Is there still a preference for thin necks in metal? (Ibanez content)

Discussion in 'Standard Guitars' started by profwoot, Nov 17, 2021.

  1. profwoot

    profwoot SS.org Regular

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    Just thought I'd take the temperature on this issue. I still occasionally see folks hyping up shredder-type necks, and talking about "baseball bat" necks in a somewhat negative way, but seemingly less than I used to. And just paying attention to guitars being released lately, presumably if Ibanez's ultra wizard thing were really so desirable other companies would do it too?

    I ask because I just bought an RG6UCS, which is one I've semi-coveted for ages. This will be the first Ibanez/Floyd I've played since my first two electrics back in the 90s, a Charvel Model 4* followed by an RG470. Gratuitous pic:
    [​IMG]


    It's become more rare of late, and I hesitated in previous opportunities due to how thin the neck is. But one just came up on reverb, and, toward the end of a very long semester, I snagged it. The aftermaths have been swapped out, which presumably contributed to my getting a good deal, and I already have some Ragnaroks that need a new home. Plus it's currently loaded with DMZ X2N/Liquifire, which will be fun to try.

    How nervous should I be about the Ultra Wizard HP Prestige neck? 17/19mm is thinner than I've played in a long time, and my hands are both large and at this point chronically somewhat less than healthy.

    *The Charvel was super cheap back then; I now realize it was a sweet guitar but at the time I mostly couldn't wait to get rid of it because it was a very bold metallic pink and let's just say it was a different time re the color pink, at least where I grew up.
     
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  2. Adieu

    Adieu SS.org Regular

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    Gdam son, that thing gets DOUBLE bonus points if it is bold pink

    Same with Ibanez btw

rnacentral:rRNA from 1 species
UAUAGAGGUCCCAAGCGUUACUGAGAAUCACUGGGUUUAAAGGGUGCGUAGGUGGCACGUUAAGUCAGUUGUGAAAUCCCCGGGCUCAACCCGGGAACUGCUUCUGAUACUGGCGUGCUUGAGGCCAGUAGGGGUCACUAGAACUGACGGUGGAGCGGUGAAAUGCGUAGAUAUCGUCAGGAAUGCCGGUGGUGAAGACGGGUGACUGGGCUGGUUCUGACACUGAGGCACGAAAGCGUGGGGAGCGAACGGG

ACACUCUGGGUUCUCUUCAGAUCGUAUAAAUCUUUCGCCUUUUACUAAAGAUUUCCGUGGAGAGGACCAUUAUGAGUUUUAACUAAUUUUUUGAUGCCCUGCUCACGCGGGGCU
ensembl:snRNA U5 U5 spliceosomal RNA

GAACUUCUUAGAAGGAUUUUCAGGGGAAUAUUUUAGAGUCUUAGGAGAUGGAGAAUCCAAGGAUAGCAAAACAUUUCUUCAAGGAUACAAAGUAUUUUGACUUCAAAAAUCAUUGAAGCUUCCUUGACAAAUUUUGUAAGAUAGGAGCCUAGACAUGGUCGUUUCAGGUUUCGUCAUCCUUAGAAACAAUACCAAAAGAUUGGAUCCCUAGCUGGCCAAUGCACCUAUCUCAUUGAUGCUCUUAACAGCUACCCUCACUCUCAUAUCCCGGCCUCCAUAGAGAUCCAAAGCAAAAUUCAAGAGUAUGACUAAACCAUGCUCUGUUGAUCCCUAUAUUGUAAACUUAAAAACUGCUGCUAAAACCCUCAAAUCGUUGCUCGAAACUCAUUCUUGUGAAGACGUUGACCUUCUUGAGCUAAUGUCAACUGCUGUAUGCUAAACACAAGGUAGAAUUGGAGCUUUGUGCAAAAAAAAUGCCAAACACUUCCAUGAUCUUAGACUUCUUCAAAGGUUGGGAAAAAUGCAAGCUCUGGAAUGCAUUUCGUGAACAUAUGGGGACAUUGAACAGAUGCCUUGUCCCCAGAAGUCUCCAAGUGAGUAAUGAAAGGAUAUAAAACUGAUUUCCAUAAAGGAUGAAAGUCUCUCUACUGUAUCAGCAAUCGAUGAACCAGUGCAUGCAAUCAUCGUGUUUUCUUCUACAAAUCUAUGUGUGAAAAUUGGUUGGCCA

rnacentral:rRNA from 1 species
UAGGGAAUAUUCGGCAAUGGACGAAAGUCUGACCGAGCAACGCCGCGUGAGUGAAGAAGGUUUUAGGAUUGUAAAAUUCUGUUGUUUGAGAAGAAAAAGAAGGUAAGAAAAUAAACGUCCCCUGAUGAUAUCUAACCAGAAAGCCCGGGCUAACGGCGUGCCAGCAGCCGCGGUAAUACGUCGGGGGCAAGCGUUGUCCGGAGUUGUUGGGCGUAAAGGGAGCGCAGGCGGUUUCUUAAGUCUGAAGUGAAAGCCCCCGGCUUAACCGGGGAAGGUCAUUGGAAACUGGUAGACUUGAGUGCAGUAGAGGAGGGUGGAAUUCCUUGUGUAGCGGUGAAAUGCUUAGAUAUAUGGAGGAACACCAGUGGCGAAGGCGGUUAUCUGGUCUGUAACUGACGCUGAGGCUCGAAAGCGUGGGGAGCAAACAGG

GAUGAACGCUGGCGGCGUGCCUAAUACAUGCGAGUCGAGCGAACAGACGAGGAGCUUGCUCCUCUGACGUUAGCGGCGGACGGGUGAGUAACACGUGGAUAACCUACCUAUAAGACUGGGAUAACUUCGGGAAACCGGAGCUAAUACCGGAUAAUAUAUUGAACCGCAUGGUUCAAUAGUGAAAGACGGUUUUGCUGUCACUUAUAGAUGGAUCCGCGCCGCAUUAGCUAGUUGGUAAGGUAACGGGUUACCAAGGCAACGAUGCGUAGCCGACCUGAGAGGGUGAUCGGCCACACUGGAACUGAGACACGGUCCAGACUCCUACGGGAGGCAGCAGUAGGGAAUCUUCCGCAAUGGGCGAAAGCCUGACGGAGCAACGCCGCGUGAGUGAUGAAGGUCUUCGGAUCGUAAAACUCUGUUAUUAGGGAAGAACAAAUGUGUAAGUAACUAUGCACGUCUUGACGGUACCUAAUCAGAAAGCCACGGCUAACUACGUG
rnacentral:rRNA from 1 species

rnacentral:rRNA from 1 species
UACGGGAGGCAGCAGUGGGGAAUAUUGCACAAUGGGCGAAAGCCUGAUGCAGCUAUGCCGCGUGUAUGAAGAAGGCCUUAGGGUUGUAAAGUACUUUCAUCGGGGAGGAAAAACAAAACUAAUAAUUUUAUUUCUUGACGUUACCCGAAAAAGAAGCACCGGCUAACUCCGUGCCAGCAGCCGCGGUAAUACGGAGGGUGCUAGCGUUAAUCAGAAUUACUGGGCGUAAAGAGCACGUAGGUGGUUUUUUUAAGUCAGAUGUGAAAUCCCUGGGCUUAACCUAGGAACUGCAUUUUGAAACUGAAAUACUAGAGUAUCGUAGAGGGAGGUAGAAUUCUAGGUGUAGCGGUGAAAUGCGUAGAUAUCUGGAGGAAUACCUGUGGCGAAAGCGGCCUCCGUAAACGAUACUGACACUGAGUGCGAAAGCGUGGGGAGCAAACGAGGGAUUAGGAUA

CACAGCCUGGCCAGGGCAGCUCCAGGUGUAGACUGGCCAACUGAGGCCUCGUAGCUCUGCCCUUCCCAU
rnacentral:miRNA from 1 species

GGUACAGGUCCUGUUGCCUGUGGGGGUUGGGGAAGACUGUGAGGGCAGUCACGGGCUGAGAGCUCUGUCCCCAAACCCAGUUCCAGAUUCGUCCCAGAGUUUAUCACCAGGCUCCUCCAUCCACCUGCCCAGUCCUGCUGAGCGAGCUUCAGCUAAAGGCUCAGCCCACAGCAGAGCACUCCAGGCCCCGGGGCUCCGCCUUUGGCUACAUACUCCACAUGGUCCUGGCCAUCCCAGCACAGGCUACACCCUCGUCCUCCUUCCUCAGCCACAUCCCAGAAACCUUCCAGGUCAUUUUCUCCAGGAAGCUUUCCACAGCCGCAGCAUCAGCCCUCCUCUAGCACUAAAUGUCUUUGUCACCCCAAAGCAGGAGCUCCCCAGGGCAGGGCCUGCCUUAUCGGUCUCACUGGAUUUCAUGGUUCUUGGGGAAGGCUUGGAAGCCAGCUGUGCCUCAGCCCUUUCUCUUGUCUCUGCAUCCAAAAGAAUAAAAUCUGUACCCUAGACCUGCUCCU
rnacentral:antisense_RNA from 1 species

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  3. steinmetzify

    steinmetzify CHUG & SLUDGE

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    You’ll get used to it and dig it.

    My main guitar is an ESP SS Viper or Eclipse; my backup is an RGA121 and it slays hard.

    Spend enough time and you’ll adapt.
     
  4. MaxOfMetal

    MaxOfMetal Likes trem wankery. Super Moderator

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    You have to realize, even the "thick" necks we find on guitars aimed at the metal crowd (various ESP/LTD, Ibanez, Schecter, etc.) are thinner than the typical Les Paul/Strat/Tele which make up the overwhelming majority of guitars out there.

    I do think the days of companies battling to see who can make the thinnest neck have been long over.
     
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  5. jl-austin

    jl-austin SS.org Regular

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    It does seem like the market is moving away from the wizard style neck to a more traditional style neck. Even Ibanez latest releases aren't wizard style.

    I think the RG recipe will remain though. We just see Ibanez moving away from that somewhat with other models.
     
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  6. profwoot

    profwoot SS.org Regular

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    Yeah my 95 LP Studio is 21.84/25.4mm (1st/12th) whereas my 4 metal guitars + 2007 deluxe strat are all in the 19-20.5/20-21.5mm range.
     
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  7. Loomer

    Loomer Comfortably Dumb

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    I think you're right about the proverbial "arms race" of thin necks is over, at least in terms of how companies promote things. And you're also right about the proportionality, compared to the more old-school designs.

    In terms of thin necks, I was also sort of put off from thin six-string necks in my younger days, from owning an RG1570 for a while and damned near cramping up from playing it. However, as years went on and I became more capable in terms of technique, despite being a great combination of lazy, self-taught and sort of an idiot, I grew to love them. My favourite neck right now is probably the Ultra Wizard, that Ibanez kindly decided to bring back fully with the new Genesis series. Marvelous things!

    Also, for super-duper thin necks and getting into them, I feel like Jacksons would be a good place to start, due to the compound radius fretboards.
     
  8. HoneyNut

    HoneyNut Regular

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    I want a RG750 with a comfier neck and AANJ. And 760 and 770.

    That RGUC is really nice. I'd have installed It black/pink zebra pickups on it.
     
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  9. bracky

    bracky Contributor

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    My first guitar was a rg760. What a neck on that one.
     
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  10. soliloquy

    soliloquy SS.org Regular

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    As indicated above, I believe that metal guitars, as a whole, seemingly moreso now than before, and also shying away from the pointy/shreddy stuff and going more towards the classier/timeless side via PRS, Gibson, Shecter, ESP/LTD and Ibanez kind of things. Sure, super thin necks may still exist, but seemingly less.
     
  11. Millul

    Millul SS.org Regular